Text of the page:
I was thinking about eMail quite a bit over the last few weeks, mainly because it takes up a lot of my time on a daily basis (here’s where peals of laughter erupt from people that haven’t heard from me for very long time). But it is true. I get about 8,000 email’s a year to my CGWP address, which is about 20% of what I get at work, so in total I’m going through about 120 eMails on a daily basis. Granted a lot of them don’t take a lot of time … I have decided that I don’t want to get rich by helping someone who has secreted money out of <insert name of 3rd world country here>, so click those are gone. The same for the complaints I get from the Better Business Bureau. The ones I’m referring to are those written by someone who speaks English as a 14th language and that tell me I really need to click on a very suspicious link to find out what the complaint is. Click – those are gone. They take a bit linger, because I find it humourous to read them. Then there are the ads from various services that want me to buy their products, so they don’t take long to select and delete.
The remaining ones fall into several categories:
- Problems with the web site. I try to address these pretty quickly (OK, the problem with uploading images dragged on for much too long), and thankfully they are fairly few.
- People tracing family members. These are pretty common, most are looking for information on how to trace an ancestor’s war experience, but occasionally they want to know a bit more than what is on the attestation papers. One was along the lines of “You say that my great-uncle 4 times removed was married to Jane, but her name was Margaret Jane, and they divorced in 1922. Do you know why?” Sorry, but no I don’t know why. One of my favourites from this category was “I’d like to know more about my great-grandfather. Can you tell me what he did in the war?” That was it, no name provided. The follow up was “Oh, sorry, his name was John Smith, but maybe he used Smythe. I think he may have lived in Ontario.” Humm, not much there to go on.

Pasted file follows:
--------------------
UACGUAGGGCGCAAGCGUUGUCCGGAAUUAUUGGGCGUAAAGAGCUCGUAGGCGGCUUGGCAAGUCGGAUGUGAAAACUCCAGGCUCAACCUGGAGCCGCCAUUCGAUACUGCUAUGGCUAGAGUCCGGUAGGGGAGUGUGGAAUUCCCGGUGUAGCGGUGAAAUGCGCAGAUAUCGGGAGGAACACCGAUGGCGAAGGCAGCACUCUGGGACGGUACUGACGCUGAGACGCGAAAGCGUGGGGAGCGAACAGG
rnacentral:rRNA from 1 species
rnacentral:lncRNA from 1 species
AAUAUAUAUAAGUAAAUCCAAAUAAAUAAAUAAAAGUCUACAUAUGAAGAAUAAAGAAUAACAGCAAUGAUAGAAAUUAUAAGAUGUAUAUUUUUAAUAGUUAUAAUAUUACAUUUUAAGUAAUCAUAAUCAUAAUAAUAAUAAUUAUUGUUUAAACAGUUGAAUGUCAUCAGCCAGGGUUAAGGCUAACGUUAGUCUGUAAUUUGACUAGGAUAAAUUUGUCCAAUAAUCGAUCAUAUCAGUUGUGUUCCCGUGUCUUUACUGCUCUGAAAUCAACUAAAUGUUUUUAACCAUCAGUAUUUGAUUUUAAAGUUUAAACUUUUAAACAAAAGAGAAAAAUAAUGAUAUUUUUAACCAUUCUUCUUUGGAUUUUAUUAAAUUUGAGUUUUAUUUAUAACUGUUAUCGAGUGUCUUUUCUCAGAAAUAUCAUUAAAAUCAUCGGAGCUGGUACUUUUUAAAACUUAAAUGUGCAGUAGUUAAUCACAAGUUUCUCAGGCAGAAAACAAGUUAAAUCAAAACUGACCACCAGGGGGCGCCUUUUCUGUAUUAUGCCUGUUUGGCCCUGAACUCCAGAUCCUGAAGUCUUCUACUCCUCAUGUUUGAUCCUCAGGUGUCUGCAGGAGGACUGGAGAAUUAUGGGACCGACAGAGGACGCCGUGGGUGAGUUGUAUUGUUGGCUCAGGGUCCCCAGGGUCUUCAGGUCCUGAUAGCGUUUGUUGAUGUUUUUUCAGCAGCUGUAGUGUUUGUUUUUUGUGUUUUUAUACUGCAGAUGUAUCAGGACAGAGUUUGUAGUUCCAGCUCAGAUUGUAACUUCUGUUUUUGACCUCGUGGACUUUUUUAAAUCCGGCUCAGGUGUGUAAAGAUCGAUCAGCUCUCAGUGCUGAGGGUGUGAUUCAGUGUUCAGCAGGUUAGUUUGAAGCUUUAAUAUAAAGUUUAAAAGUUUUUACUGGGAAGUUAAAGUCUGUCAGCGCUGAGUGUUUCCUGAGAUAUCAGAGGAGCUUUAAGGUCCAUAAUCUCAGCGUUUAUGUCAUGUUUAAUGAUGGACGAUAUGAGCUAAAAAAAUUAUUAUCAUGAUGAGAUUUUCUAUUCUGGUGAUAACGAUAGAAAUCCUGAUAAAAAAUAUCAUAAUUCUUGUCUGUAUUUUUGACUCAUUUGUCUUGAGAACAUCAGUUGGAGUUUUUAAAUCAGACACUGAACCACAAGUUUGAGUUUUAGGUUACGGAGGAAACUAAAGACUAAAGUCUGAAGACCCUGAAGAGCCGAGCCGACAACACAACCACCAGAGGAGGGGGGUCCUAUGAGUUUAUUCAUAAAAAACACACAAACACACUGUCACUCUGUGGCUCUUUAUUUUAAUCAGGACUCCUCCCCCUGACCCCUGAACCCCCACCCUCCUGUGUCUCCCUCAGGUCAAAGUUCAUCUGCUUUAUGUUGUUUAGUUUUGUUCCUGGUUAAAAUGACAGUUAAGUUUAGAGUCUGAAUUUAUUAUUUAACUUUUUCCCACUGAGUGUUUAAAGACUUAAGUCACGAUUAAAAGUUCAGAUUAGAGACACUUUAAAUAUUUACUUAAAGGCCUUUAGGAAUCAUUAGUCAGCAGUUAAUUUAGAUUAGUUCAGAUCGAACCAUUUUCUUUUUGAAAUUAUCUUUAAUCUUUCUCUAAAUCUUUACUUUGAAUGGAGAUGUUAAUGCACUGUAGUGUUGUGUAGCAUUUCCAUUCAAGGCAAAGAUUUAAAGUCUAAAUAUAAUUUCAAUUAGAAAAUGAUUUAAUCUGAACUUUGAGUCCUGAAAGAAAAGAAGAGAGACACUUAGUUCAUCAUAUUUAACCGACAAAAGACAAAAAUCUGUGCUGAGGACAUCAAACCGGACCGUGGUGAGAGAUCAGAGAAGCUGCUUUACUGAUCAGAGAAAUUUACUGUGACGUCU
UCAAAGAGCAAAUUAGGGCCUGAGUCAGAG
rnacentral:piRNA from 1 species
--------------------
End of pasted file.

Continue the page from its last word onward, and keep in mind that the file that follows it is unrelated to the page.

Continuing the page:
- People complaining about the accuracy of the information. Actually most aren’t complaining, they are really helping us build up the accuracy of the data and providing corrections, which are always very much appreciated, but it’s the ones that are somewhat belligerent that stand out. “My great uncle was born in Glyndyfrdwy, not Glyndyford! Everyone knows that there is no town called Glyndyford!” Well, I’m not sure that either the clerk that was trying to write it down on the attestation form knew that, and apparently the person who tried to decipher his handwriting to enter it knew that either.
- And my favourite, the ones who don’t find a name they are looking for. Most politely provide the information or ask how they can enter it, but a few get quite animated: “How can you say that you have a database when my wife’s 14th cousin 6 times removed isn’t in it? I’m very, very disappointed.” Knowing how hard everyone that volunteers time is working to get names added, I find these hard to answer, or at least answer politely. Occasionally, I get one that ends with something like “… and I know this because my grandmother has a picture of him that was taken in uniform. There is a date of 1944 on it!” Ummm, wrong war.
- And then the ones that make it all worthwhile. “Thank you for helping me find more information about my grandfather. My mother knew he was in World War 1, but that was all. Thanks to this wonderful resource we know a bit more. Thank you for commemorating all the men that served, not just the ones that died.”
And that’s really what this is all about: having a place to remember the men and women that served. And thanks to everyone who volunteers and helps the database grow by about 500 new entries, and 300 updated entries every week. Through your efforts this great resource keeps getting better.